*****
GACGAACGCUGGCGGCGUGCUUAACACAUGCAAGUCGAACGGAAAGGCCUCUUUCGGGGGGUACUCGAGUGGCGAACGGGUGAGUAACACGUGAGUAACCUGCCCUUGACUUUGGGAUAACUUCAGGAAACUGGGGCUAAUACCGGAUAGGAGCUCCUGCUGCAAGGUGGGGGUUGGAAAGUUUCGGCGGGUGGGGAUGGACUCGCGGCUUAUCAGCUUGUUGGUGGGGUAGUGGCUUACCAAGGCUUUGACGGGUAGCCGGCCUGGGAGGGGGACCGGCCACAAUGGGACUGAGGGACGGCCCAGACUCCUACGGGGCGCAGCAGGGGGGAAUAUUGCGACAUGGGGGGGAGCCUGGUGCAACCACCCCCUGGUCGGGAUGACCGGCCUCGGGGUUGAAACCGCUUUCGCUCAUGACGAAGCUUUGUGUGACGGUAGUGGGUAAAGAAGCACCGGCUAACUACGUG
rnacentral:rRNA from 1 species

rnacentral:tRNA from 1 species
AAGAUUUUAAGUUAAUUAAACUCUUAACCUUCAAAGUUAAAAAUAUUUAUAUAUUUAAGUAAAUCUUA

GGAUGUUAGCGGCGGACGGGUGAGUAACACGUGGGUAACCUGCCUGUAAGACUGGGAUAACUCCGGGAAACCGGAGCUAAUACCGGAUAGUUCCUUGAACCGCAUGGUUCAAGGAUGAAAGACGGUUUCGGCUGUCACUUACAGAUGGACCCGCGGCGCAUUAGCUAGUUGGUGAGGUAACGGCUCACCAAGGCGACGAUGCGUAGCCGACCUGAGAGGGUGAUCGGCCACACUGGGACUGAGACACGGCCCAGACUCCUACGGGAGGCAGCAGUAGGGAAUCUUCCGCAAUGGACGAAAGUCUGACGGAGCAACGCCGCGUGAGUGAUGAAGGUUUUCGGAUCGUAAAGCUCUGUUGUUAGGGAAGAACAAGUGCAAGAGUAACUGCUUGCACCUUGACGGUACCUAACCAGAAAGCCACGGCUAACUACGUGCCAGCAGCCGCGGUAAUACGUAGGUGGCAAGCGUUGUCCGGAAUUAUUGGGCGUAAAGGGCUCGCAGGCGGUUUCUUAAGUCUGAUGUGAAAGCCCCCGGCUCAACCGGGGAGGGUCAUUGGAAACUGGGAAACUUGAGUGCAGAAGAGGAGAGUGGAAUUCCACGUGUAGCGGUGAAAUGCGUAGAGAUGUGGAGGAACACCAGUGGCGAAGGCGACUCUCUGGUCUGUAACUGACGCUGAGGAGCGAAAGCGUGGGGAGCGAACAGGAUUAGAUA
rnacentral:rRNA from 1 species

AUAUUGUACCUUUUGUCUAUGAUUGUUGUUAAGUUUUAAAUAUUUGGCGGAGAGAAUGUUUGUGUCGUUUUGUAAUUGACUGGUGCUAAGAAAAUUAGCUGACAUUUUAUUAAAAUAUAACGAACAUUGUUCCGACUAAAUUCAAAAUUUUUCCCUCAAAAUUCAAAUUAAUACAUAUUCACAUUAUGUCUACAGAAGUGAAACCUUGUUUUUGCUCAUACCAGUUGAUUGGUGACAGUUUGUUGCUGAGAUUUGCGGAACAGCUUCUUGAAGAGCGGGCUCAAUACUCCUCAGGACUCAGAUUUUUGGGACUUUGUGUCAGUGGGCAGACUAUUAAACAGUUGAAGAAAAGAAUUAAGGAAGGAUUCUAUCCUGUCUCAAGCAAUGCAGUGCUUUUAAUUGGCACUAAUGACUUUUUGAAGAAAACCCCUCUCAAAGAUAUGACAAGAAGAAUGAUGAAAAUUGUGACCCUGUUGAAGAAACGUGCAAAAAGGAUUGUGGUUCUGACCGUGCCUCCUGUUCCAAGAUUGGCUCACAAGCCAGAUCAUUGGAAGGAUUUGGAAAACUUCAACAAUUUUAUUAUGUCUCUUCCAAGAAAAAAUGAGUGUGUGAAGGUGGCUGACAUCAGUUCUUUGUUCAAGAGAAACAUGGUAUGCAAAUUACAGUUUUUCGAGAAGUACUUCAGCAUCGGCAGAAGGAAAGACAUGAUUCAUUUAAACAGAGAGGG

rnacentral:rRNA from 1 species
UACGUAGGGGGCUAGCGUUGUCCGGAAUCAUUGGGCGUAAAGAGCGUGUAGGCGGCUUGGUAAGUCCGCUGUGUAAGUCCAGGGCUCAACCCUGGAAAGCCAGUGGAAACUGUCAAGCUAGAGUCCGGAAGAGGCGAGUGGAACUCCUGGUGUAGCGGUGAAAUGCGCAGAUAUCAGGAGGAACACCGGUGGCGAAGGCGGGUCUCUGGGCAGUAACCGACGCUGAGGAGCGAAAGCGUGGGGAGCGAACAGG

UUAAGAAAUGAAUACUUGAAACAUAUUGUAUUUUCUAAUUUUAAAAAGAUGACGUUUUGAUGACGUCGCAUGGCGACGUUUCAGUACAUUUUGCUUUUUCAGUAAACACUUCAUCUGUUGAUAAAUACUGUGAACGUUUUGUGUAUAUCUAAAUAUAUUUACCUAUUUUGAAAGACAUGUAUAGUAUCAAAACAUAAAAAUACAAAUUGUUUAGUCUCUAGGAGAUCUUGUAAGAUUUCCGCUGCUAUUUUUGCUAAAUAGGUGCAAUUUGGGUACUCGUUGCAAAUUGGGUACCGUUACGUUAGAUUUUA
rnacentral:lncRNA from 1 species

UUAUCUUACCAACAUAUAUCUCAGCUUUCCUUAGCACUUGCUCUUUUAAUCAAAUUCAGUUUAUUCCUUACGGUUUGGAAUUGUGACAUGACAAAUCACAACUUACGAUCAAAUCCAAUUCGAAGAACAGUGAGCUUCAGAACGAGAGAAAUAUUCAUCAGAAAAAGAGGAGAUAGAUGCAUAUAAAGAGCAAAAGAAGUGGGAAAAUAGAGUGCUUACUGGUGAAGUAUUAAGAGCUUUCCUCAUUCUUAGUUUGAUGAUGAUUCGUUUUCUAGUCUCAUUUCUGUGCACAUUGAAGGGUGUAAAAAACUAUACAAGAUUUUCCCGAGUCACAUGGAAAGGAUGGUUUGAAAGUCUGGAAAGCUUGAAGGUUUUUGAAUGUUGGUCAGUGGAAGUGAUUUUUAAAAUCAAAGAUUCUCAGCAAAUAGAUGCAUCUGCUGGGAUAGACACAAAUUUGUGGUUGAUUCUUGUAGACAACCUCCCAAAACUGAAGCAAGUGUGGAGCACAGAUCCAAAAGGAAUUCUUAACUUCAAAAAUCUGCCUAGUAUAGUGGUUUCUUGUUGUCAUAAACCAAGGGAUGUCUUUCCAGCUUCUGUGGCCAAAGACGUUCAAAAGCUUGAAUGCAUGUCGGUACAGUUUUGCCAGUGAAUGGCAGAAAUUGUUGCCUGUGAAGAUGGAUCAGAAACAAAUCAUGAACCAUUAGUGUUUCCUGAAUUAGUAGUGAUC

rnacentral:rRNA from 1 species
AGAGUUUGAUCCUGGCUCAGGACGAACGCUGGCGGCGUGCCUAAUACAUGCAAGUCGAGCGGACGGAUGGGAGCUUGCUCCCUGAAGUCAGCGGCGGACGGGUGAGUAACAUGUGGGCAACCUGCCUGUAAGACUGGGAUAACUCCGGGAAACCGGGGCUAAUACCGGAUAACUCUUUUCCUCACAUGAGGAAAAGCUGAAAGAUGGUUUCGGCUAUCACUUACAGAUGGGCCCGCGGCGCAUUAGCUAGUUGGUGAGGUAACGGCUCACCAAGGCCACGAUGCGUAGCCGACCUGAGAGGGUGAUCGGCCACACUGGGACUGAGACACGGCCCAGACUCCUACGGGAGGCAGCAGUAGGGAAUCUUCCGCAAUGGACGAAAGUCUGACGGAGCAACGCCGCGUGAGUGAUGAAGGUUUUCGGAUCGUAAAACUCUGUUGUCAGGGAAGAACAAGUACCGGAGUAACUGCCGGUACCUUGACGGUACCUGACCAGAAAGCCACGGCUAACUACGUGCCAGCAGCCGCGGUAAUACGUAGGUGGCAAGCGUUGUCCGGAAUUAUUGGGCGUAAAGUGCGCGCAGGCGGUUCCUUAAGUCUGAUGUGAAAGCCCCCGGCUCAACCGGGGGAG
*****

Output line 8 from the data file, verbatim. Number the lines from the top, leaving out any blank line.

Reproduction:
rnacentral:rRNA from 1 species